Background: The in-vivo regulation of vascular conductance (VC) is a continuous balance between endothelial vasodilation and sympathetic vasoconstriction. Although women may report blunted sympathetic vasoconstriction along with higher endothelial vasodilation than men, it is currently unknown whether the interaction between vasoconstriction and vasodilation leads to different regulation of VC between sexes. This study assessed sex differences in sympathetic-mediated blunting of endothelial vasodilation after a brief period of ischemia and whether any restriction of vasodilation blunts tissue blood flow (BF) and re-oxygenation. Methods: 13 young women and 12 young men underwent two 5-min forearm circulatory occlusions followed by reperfusion, one in basal conditions and the other during cold pressor test-induced sympathetic activation (SYMP). Brachial artery diameter and BF, mean arterial pressure, total peripheral resistance (TPR), and thenar eminence oxygenation were collected. Percent changes normalized to baseline values of forearm VC, brachial artery BF and flow-mediated dilation (FMD), TPR, and hand oxygenation after circulatory reperfusion were calculated. Results: TPR increased during SYMP in men (p = 0.019) but not in women (p = 0.967). Women showed a greater brachial artery FMD than men (p = 0.004) at rest, but sex differences disappeared after normalization to shear rate and baseline diameter (p > 0.11). The percent increases from baseline of peak and average forearm VC after circulatory reperfusion did not differ between sexes in basal conditions (p > 0.98) or during SYMP (p > 0.97), and were restrained by SYMP similarly in both sexes (p < 0.003) without impairing the hand re-oxygenation (p > 0.08) or average hyperemic response (p > 0.09). Conclusions: Although women may report blunted sympathetic vasoconstriction than men when assessed separately, the similar sympathetic-mediated restriction of vasodilation suggests a similar dynamic regulation of VC between sexes. SYMP-mediated restrictions of the normal forearm vasodilation do not impair the average hyperemic response and hand re-oxygenation in both sexes.

Sympathetic-mediated blunting of forearm vasodilation is similar between young men and women

Gentilin, Alessandro
;
Moghetti, Paolo;Cevese, Antonio;Schena, Federico;Tarperi, Cantor
2022-01-01

Abstract

Background: The in-vivo regulation of vascular conductance (VC) is a continuous balance between endothelial vasodilation and sympathetic vasoconstriction. Although women may report blunted sympathetic vasoconstriction along with higher endothelial vasodilation than men, it is currently unknown whether the interaction between vasoconstriction and vasodilation leads to different regulation of VC between sexes. This study assessed sex differences in sympathetic-mediated blunting of endothelial vasodilation after a brief period of ischemia and whether any restriction of vasodilation blunts tissue blood flow (BF) and re-oxygenation. Methods: 13 young women and 12 young men underwent two 5-min forearm circulatory occlusions followed by reperfusion, one in basal conditions and the other during cold pressor test-induced sympathetic activation (SYMP). Brachial artery diameter and BF, mean arterial pressure, total peripheral resistance (TPR), and thenar eminence oxygenation were collected. Percent changes normalized to baseline values of forearm VC, brachial artery BF and flow-mediated dilation (FMD), TPR, and hand oxygenation after circulatory reperfusion were calculated. Results: TPR increased during SYMP in men (p = 0.019) but not in women (p = 0.967). Women showed a greater brachial artery FMD than men (p = 0.004) at rest, but sex differences disappeared after normalization to shear rate and baseline diameter (p > 0.11). The percent increases from baseline of peak and average forearm VC after circulatory reperfusion did not differ between sexes in basal conditions (p > 0.98) or during SYMP (p > 0.97), and were restrained by SYMP similarly in both sexes (p < 0.003) without impairing the hand re-oxygenation (p > 0.08) or average hyperemic response (p > 0.09). Conclusions: Although women may report blunted sympathetic vasoconstriction than men when assessed separately, the similar sympathetic-mediated restriction of vasodilation suggests a similar dynamic regulation of VC between sexes. SYMP-mediated restrictions of the normal forearm vasodilation do not impair the average hyperemic response and hand re-oxygenation in both sexes.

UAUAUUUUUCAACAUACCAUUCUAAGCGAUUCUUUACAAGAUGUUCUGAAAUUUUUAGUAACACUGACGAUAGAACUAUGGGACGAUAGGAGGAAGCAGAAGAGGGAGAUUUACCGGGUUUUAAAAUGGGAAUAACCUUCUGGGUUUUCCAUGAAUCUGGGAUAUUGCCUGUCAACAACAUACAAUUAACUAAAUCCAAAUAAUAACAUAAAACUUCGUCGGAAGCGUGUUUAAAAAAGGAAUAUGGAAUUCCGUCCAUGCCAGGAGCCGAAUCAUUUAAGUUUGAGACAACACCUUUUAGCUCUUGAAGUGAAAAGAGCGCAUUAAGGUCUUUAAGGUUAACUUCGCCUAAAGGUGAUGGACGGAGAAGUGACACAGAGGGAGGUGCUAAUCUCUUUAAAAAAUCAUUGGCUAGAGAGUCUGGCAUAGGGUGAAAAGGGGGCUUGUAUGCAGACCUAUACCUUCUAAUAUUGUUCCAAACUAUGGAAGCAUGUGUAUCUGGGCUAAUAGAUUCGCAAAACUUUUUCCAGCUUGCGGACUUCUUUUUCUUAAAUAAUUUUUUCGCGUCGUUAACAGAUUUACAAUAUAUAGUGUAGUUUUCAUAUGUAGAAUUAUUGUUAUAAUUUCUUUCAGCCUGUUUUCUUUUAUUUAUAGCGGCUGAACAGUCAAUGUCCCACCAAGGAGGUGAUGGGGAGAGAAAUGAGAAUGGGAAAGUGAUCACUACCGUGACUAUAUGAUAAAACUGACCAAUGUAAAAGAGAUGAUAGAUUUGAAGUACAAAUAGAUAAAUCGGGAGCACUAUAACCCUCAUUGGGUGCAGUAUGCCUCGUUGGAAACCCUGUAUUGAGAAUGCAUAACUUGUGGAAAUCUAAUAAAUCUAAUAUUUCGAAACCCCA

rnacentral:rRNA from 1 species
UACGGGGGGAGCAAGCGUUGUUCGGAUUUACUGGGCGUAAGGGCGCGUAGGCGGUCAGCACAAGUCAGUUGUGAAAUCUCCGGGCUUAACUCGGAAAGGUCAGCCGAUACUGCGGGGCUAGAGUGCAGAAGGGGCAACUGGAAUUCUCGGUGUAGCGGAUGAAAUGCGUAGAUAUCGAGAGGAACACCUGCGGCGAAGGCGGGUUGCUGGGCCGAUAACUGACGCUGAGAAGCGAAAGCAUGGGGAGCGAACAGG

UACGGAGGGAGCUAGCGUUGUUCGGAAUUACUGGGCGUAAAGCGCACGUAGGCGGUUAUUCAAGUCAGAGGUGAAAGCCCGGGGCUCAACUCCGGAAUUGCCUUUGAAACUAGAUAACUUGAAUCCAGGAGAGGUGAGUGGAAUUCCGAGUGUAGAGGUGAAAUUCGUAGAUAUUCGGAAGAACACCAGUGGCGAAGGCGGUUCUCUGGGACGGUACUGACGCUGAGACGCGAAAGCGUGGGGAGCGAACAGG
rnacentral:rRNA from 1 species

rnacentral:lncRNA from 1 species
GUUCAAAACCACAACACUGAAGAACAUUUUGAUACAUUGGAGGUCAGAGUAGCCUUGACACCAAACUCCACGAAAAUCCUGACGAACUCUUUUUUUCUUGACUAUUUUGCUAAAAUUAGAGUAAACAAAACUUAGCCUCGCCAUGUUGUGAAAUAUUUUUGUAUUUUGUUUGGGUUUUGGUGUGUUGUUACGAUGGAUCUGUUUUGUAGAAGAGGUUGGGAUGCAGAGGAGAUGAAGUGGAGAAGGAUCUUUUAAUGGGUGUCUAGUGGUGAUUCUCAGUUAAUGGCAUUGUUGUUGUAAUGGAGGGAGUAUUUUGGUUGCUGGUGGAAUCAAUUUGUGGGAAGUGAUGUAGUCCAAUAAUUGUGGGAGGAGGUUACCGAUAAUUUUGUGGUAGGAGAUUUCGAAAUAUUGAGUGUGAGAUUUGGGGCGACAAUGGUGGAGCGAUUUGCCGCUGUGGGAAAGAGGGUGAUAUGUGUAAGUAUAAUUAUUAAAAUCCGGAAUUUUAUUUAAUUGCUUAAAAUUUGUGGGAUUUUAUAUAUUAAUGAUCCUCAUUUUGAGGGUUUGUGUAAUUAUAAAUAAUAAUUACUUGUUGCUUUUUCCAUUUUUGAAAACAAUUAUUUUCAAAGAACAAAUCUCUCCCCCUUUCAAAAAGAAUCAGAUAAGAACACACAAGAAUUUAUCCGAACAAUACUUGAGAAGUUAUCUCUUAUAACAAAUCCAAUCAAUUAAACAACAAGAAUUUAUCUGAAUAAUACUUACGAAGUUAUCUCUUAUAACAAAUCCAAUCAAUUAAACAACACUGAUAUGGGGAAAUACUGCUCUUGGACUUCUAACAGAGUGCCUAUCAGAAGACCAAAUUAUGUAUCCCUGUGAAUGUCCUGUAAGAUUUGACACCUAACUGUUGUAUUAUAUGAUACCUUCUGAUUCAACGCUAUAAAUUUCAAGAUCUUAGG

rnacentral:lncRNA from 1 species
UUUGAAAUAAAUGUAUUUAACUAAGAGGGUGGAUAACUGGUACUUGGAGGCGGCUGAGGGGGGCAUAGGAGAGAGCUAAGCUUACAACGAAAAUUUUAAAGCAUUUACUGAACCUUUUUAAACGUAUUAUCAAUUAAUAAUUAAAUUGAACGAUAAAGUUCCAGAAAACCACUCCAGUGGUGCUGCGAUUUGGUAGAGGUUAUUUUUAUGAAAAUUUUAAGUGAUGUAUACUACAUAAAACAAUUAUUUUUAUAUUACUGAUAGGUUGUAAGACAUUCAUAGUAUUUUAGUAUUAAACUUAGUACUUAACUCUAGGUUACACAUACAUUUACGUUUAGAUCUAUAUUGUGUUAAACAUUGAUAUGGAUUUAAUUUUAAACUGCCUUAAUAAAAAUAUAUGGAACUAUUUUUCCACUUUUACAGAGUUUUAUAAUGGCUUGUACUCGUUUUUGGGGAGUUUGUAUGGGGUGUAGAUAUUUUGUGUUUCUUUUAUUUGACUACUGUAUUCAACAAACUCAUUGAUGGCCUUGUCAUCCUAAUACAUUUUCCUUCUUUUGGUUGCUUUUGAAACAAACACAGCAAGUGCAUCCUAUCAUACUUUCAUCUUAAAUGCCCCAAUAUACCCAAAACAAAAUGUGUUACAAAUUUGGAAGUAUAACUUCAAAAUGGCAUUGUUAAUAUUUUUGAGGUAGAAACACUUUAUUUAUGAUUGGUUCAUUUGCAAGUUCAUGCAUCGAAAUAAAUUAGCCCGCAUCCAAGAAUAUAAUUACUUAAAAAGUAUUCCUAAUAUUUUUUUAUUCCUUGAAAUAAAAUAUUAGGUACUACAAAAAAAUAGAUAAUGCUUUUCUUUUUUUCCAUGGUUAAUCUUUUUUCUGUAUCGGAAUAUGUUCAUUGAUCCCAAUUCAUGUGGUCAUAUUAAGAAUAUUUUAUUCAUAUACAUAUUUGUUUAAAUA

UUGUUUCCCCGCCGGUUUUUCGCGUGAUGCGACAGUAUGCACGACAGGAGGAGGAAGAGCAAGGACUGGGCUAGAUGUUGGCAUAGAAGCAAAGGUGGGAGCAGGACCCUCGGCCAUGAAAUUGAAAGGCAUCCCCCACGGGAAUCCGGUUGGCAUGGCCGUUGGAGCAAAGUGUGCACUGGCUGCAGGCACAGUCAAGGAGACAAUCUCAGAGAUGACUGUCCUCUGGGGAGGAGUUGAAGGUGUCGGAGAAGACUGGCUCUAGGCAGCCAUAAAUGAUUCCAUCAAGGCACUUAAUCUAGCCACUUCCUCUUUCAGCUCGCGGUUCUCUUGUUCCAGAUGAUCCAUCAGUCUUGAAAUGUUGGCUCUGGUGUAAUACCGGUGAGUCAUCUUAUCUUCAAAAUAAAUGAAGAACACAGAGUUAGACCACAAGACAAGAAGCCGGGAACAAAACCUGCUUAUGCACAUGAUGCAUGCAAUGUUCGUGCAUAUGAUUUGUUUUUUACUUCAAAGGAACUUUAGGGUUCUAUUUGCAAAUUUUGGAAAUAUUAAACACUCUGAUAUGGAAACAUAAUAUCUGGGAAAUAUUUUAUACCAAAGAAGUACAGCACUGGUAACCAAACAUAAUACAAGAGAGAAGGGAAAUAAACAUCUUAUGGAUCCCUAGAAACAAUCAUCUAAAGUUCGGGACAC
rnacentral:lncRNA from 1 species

Endothelium
Rapid vasodilation
Cold pressor test
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Utilizza questo identificativo per citare o creare un link a questo documento: https://hdl.handle.net/11562/1069346
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